December 12, 2001 | by John Piper

By John Piper. ©2013 Desiring God Foundation. Website: desiringGod.org.

Voddie Baucham – Last sentence in the Book of Romans

Romans – 16:25-27 Now to him who is able to strengthen you according to my gospel and the preaching of Jesus Christ, according to the revelation of the mystery which was kept secret for long ages 26 but is now disclosed and through the prophetic writings is made known to all nations, according to the command of the eternal God, to bring about the obedience of faith– 27 to the only wise God be glory for evermore through Jesus Christ! Amen.

As we come to the end of this letter, Paul does not disappoint. It has been said that “orthodoxy always leads to orthopraxy”. In other words „right believing” will lead us to our right behaving, eventually. If we don’t believe rightly, we won’t behave rightly. But, it is also true, perhaps even more true that orthodoxy always leads to doxology. Doxology, or praise. When you know God rightly, you cannot help but worship God. And, it is quite ironic that there are those in our day, and those in our culture, who pit our knowledge of God, over and against our worship of God, as though we have to choose one or the other. As if we can only be heady Christians who know a lot about God, or we can be spiritual Christians who experience a lot with God. That is a false dichotomy. Nothing could be further from the truth. You cannot fully worship what you do not know.

You will never worship God rightly, unless you know God rightly. And here’s the beauty of it, because the knowledge of God is inexhaustible, we have an eternity growing in our appreciation for and worship of the almighty God. You cannot exhaust the knowledge of God. You cannot exhaust an understanding of what He’s done , and who He is, and because of that, you cannot and will not stop growing in your doxology, your praise. As Paul has walked through this, his magnum opus, the Book of Romans, and as he has dug more deeply than anywhere else in the New Testament, into this doctrine of our justification, it is only fitting, that as he comes to the end, he leaves us with this parting statement. If I had to give a title to this ending statement, it would be „Praise God for the Gospel!” That’s basically where Paul finishes.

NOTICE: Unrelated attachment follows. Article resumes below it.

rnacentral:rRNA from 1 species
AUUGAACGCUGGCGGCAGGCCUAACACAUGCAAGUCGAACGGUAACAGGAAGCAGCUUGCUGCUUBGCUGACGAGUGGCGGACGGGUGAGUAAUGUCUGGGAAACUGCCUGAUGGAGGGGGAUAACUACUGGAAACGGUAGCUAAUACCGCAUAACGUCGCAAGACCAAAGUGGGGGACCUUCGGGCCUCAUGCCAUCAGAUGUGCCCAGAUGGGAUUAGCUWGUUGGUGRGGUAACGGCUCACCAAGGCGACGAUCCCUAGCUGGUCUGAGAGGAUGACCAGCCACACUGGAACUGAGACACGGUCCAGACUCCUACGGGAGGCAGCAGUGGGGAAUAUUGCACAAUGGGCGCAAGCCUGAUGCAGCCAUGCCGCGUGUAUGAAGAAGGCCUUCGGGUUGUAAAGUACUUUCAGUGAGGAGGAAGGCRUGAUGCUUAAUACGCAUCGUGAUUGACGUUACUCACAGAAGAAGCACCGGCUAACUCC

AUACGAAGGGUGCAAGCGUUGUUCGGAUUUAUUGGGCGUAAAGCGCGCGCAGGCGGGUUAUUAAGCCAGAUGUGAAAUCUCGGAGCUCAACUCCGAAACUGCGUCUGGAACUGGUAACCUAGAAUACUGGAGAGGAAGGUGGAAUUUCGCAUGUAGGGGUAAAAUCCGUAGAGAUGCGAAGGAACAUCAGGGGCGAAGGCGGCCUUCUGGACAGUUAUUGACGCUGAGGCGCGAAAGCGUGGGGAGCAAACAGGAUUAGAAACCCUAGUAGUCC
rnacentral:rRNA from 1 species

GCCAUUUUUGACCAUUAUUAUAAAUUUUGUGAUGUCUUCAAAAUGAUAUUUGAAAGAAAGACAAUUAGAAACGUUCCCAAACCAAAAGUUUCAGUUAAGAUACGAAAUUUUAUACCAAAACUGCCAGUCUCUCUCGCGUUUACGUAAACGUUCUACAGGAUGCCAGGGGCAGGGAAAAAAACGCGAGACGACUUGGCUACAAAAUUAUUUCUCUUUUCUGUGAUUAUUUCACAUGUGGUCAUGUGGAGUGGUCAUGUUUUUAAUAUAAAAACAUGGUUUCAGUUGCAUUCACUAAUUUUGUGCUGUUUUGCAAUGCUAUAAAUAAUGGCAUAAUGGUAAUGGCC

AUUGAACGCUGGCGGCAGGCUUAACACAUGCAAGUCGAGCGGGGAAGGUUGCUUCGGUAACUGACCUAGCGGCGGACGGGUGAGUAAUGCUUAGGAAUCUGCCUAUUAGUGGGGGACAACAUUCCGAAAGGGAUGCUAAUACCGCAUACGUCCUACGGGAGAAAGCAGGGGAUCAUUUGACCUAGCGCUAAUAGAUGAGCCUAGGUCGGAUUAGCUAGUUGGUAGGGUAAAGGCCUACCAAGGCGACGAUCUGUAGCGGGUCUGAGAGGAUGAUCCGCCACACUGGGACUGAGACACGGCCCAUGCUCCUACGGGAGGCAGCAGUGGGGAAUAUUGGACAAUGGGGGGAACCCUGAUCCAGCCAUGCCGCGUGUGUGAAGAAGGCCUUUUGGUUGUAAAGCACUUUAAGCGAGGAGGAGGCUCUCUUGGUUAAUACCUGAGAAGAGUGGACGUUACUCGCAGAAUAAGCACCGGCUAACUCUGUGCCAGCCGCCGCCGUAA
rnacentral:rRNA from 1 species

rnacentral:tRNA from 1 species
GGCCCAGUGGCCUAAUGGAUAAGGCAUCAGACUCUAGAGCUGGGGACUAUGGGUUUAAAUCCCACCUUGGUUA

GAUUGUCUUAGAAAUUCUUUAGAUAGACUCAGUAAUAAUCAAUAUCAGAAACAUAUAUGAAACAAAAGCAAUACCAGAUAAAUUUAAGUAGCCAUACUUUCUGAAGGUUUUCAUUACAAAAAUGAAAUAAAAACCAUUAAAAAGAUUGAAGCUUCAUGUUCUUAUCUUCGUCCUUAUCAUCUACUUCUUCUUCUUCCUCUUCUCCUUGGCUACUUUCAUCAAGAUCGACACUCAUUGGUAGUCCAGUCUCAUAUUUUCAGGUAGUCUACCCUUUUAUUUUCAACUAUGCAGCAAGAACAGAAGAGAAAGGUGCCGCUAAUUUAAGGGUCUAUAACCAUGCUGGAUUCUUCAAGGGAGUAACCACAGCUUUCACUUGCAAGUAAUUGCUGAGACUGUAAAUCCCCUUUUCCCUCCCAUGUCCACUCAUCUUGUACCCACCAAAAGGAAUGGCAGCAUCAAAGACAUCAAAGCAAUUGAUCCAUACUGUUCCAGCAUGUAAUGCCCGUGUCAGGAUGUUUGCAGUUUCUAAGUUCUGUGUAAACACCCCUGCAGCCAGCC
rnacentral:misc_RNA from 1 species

I couldn’t help it, as I read through this passage and worked through this passage, through all of the implications here in this passage, I couldn’t help but just see the stark contrast between what we understand as worship and what Paul does here as worship. Because again, culturally, we’ve come to this place, where we believe that worship is purely experiential. That worship is about our experience with God. It is not about knowing God rightly. It is about encountering God passionately. If you read the lyrics of much of what we call worship music today, what you will find is that it is by and large not about God at all, but about our experience of God. About the way God makes me feel about me.

And so, when we gather, our desire is to bring ourselves to this cathartic experience of overwhelming ecstasy in how much God loves me. And how central I am in the grand scheme of things. We gather to make much of „me”, when what Paul does here, at the end of the Book of Romans is not to pause and talk about his experience, with these great truths. But, basically, to pause and say, „Before I go, let me remind you to praise God for the Gospel.”

In the text above, basically what you can do- there’s a bunch of propositional phrases and subordinate clauses in that sentence, and basically, what you can do is take all those propositions and all those clauses away and here’s what you get: „Now to Him”. Stop there. Cause, who is qualifying the Him? Stope there, and then it picks up in verse 27. You have another phrase there: To the only wise God. Go right after that, because that goes to describing this „Him”. So, if you put a line right after „the only wise God”, and you put a line right after „Him”, then, you’ve just connected those two. Here’s what you find: Now to Him be glory, forever more, through Jesus Christ. Amen. That’s his statement. The rest of this sort of explains the why and how there’s glory to Him, through Jesus Christ forevermore.

So, as we plow through this statement, let’s not actually lose sight of what Paul is doing here: Praising God for the Gospel. First of all, because the Gospel magnifies God. „Now to Him,” God is being magnified here. „To Him be glory, forever more, through Jesus Christ our Lord.” Why through Jesus Christ? Because the gospel is the good news about what God has done in Jesus Christ. And that magnifies God. The Gospel magnifies God. That is why we worship God, that is why we thank God for the Gospel. That is why understanding the Gospel leads you to the right worship of God.

What is the Gospel?

Notice, first of all what Paul says here about God. He says that God is able, he goes on to say that God is eternal. Then, if you go down and look at verse 26, the last part of that, „according to the command of the eternal God.” So, God’s able, God’s eternal. He also says that God is singular, and that God is wise. So we see here a picture of God as able, as eternal, as singular, and as wise. So, God is magnified here, even in the words that Paul chooses to use to describe God. So, as he comes to this point of praise, as he comes to this point of worship, what he says is: If you’ve been listening and following all the way through the book of Romans, I’ve pointed you to God, by explaining to you the Gospel of Jesus Christ. As I’ve explained to you the Gospel of Jesus Christ, we’ve seen that God is able. We’ve seen that God is eternal, so this is not an afterthought. We’ve seen that God is singular, there is no other God. And we see that God is wise. You couldn’t have figured this out on your own. But, beyond that, the Gospel itself magnifies this powerful, eternal, singular, wise God. If we understand the Gospel rightly.